Inquest hears supplier unaware of Pret’s ‘vegetarian’ milk-containing roll | UK news

The founder of a company that made what was meant to be dairy-free yogurt used in Pret a Manger “vegan” packaging said weeping that she had no idea there was a “secret ingredient” that contained traces of milk protein.

Bethany Eaton, managing director of Planet Coconut, said she accepted the bags the ingredient arrived in on the condition that it was made in a factory that also handles milk, but she believes it could have been made in a separate allergen-free area.

Celia Marsh, 42, a dental nurse and mother of five from Milksham, Wiltshire, severely allergic to cow’s milk, collapsed on a Bath street and died two hours later after eating a “rainbow flatbread” of milk protein.

Eaton told the court that she and her husband Paul, both former police officers, founded Planet Coconut in 2011 after discovering a gap in the market for dairy-free, soy-free products.

They contacted an Australian company called CoYo, founded by Henry Gosling, which makes coconut milk yogurt, and bought a license to manufacture and supply it in the UK under the trade name “COYO”.

Eaton said that when they signed the licensing agreement, Gosling told Planet Coconut about its “secret ingredient” — a stabilizer called HG1 designed with Australian food giant Tate & Lyle. “He was very protective of his recipe,” she said.

Planet Coconut started making COYO yogurt using HG1 manufactured by Tate & Lyle UK factory in North Wales and since 2012 has supplied customers including Pret, Waitrose and independent health food stores.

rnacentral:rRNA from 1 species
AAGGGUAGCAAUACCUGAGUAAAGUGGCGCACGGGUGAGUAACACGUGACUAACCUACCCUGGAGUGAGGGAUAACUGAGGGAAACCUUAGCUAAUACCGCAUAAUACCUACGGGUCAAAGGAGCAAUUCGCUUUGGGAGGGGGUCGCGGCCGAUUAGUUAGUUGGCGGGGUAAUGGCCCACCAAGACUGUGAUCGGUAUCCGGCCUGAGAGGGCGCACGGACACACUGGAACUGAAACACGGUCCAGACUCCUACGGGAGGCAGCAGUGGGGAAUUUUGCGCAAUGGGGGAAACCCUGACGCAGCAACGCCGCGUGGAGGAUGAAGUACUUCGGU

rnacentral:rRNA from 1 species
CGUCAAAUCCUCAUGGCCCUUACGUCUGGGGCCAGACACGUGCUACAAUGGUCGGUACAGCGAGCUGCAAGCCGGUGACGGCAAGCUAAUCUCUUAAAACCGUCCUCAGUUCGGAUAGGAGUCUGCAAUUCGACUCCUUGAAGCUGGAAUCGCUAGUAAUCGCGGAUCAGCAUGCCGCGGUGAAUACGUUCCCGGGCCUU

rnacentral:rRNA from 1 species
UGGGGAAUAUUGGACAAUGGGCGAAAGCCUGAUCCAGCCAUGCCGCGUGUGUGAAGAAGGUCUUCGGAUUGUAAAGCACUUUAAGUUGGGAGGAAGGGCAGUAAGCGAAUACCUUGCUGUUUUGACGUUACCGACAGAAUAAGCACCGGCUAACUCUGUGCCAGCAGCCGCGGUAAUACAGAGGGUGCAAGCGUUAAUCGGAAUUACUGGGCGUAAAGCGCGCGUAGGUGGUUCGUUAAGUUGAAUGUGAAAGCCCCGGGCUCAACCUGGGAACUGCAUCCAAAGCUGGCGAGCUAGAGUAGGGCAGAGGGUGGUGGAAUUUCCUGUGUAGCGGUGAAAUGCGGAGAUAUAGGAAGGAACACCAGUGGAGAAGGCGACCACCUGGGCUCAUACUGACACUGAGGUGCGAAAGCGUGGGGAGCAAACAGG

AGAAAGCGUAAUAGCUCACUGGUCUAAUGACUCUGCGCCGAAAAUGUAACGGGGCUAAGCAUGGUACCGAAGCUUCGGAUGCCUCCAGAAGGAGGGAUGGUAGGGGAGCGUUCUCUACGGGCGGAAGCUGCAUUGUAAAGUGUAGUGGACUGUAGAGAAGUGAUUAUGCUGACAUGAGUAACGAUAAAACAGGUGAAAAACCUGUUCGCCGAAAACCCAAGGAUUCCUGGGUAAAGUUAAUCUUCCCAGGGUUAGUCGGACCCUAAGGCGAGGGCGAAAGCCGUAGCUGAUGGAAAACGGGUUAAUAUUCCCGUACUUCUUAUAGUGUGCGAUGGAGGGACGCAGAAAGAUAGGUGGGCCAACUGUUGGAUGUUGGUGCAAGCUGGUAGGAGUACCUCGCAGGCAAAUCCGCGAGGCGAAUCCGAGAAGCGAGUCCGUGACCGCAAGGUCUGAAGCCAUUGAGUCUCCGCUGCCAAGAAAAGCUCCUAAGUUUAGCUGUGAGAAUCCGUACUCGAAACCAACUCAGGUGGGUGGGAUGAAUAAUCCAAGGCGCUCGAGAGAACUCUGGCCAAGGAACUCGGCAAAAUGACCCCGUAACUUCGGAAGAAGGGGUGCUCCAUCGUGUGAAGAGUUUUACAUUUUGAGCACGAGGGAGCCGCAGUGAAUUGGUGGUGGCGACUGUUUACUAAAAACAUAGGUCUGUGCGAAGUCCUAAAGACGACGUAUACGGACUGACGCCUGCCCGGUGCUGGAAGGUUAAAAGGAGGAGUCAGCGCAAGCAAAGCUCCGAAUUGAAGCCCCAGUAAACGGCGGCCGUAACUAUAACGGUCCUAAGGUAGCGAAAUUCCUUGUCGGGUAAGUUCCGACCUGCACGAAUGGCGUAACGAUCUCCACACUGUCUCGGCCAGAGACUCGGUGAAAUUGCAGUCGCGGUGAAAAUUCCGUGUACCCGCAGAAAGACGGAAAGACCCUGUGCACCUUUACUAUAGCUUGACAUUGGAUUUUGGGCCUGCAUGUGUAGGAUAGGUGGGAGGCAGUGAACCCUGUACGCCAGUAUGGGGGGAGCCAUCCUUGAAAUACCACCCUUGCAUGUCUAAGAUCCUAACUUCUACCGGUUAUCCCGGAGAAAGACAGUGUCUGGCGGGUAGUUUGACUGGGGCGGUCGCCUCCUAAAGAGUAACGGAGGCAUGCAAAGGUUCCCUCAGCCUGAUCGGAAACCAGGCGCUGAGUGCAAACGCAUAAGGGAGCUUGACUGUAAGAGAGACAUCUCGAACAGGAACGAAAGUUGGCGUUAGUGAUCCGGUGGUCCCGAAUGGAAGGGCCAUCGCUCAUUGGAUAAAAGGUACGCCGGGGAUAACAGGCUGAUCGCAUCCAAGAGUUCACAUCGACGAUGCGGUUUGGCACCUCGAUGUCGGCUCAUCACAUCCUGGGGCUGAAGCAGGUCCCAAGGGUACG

Eaton accepted the bags from Tate & Lyle HG1 came out saying: “Manufactured in a factory that handles milk, eggs and grains.” But she said, “Henry told me that Tate & Lyle make it in allergy-free territory. I took his word for it and believed it.”

“I wouldn’t dream it had dairy in it. I didn’t have any concerns. I thought there was a facility, area, or separate line that was completely allergen-free.”

asked Marsh family attorney, Jeremy Hyam K. C, Eaton Why not be alarmed by the warning on HG1 bags. She said, “Dairy-free is the reason I’m out. I’m super excited about it. We think our product doesn’t contain milk.”

Hiam noted that by 2017, Planet Coconut was making more than £3 million annually. Eaton’s voice cracked when she said, “I spent a lot of money buying a license agreement for dairy-free yogurt. I didn’t think it had dairy for a minute. I regret buying the license and trusting someone else’s word.”

In a statement read during the investigation, Gosling said that under the licensing agreement, Planet Coconut is obligated to ensure that the HG1 you used is dairy-free.

Britt said that if she had known that milk contained milk protein, she would not have used it on the flatbread.

Jay Meiken, Brit’s interim CEO, said the company has produced 2.5 million yogurt-containing bars without any further incidents. He said the company had made a slew of changes and improvements in areas such as labeling and training.

The inquiry attended Thursday in support of the family of Marsh Tania and Nadim Adnan Labros, whose 15-year-old daughter Natasha died in 2016 after eating a baguette containing sesame seeds. Natasha was allergic to sesame.

The investigation is ongoing.